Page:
City of Angels is a unique romance featuring the likes of Nicolas Cage and Meg Ryan. Cage, an angel, debates whether to give up his eternal life to be with the woman he loves, a doctor played by Ryan. Their differences, of course, make for some interesting subject manner and director Brad Siberling takes us through some interesting perspectives on life.
City of Angels starts off interesting from the start, where Cage leads a little girl into the light after she dies from an extremely high fever. The movie then moves to a surgical move where Cage watches Ryan try to save the life of a man and she mysteriously looks directly at him, even though humans can't see him. This leads him to question the possibilities, and progresses into the rest of the movie.
Cage lends Ryan a lot of theories that could counteract her work as a doctor, such as fate. The acting and dialogue in Angels is extremely good and the interaction between Cage and the other characters in the movie is interesting. Dennis Franz plays what probably is the weirdest character in the movie, and gives Cage some advice and the knowledge he needs.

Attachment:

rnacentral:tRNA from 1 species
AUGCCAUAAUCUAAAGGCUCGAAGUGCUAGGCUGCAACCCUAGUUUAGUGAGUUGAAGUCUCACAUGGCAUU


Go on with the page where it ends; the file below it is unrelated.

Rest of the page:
Still, after the first forty minutes, which contains a lot of interesting views from the angels' perspectives and so forth, the movie's light begins to fade a little. Most of the movie is the director's playground of angles and unusual views, but beyond that, the love story is simple. But the ending is shocking to say the least, and definitely not what I expected, even after the incident happens.
City of Angels is a well-done movie and a sure watch for anyone willing to expand their imagination of the beyond.
Review by Erik Samdahl unless otherwise indicated.
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